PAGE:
DENVER - Donald Trump shared his opinions on fracking, marijuana and his Democratic opponent Hillary Clinton during an interview with 9NEWS Friday.
Here’s what the Republican presidential nominee had to say.
Trump departed from the traditional Republican stance on fracking Friday when he told 9NEWS he supports local control.
“Well I’m in favor of fracking, but I think that voters should have a big say in it,” Trump said. “I mean there are some areas maybe that don’t want to have fracking."
Fracking is a divisive issue in the Centennial State.
In May the Colorado Supreme Court ruled against the cities of Fort Collins and Longmont, which had voted to place moratoriums on fracking.
And anti-fracking activists are busy gathering signatures ahead of the Aug. 8 deadline in the hopes of getting two initiatives on the November ballot.
Trump’s position that “if a municipality or a state wants to ban fracking, I can understand that” puts him closer politically to Democratic Presidential nominee Hillary Clinton than Colorado Republicans.
"Banning it is short-sighted, would financially hurt those who can least afford it, and would be detrimental to our national security. We look forward to having conversations with both Donald Trump and Hillary Clinton on how fracking has made America great."
Trump says he’ll leave it up to the states to decide if they want to allow the sale of recreational and medicinal marijuana.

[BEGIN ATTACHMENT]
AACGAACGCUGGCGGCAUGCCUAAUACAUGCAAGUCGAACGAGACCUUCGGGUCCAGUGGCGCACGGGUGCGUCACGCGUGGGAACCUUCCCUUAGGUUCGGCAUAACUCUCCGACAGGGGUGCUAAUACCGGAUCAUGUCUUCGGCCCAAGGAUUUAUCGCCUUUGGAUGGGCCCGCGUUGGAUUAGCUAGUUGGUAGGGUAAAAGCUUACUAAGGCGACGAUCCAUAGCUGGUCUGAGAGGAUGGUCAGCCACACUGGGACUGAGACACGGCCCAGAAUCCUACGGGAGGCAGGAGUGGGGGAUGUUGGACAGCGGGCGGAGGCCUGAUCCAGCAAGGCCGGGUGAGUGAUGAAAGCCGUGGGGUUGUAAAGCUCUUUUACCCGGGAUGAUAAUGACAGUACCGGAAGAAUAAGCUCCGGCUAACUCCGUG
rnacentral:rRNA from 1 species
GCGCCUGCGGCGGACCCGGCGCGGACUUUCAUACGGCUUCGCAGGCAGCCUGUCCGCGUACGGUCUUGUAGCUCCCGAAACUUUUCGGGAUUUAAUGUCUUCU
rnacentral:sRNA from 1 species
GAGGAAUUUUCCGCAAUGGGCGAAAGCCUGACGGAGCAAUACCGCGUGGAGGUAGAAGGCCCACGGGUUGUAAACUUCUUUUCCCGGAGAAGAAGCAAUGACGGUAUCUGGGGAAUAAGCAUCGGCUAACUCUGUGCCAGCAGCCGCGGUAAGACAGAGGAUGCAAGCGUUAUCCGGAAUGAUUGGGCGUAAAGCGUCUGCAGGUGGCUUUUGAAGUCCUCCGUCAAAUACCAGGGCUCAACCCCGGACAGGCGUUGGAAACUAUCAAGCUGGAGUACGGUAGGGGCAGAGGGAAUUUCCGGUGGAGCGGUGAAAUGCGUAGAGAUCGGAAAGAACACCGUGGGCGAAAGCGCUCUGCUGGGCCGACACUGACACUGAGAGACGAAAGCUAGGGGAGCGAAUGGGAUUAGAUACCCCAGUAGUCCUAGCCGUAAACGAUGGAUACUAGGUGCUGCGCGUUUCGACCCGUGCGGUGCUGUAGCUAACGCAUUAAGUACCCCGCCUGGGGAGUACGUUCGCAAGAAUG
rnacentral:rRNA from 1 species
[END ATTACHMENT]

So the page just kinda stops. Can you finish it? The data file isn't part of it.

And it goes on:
“I think it’s up to the states, yeah. I’m a states’ person,” Trump said. “I think it should be up to the states, absolutely.”
CLINTON’S HISTORIC NOMINATION
Clinton’s the first woman to accept a major party’s nomination for the president, but Trump says she can’t be trusted.
“We’re going to have a woman president, but it shouldn’t be her,” Trump said. “She would be catastrophic for our country.”
He also dismissed several soundbites that came out of her acceptance speech, including an accusation that he can’t be trusted with nuclear weapons.
“Well, that was just a soundbite written up by her people. And it’s inappropriate that she says it because she knows it’s not so … ,“ Trump said. “She’s dominated by professionals that write her these questions and wrote the speech for her. And she made a lot of false statements in the speech.”
Trump insisted that Sen. Ted Cruz (R-Texas) didn’t beat him here in the Centennial state.
“If it would have been a vote, I would have won the vote,” Trump said. “Every poll had me winning big in Colorado.”
Trump punted when asked whether the federal government should release some of the land it holds in western states.
“Well, I’m going to look into that. It’s a question I get asked an awful lot out here, and I am going to take a very serious look at that,” Trump said. “And we will get back to you on that one because a lot of people are wanting to really have policy on that.”
WINNING THE CENTENNIAL STATE
“I think we’re going to win Colorado. I think we should win the state. We polled very well here, and I think, you know, we’re going upward … ,“ Trump said. “You know I have a lot of friends in Colorado, and we’re doing I think great in Colorado. So we’ll see, but I’ll be back a lot.”
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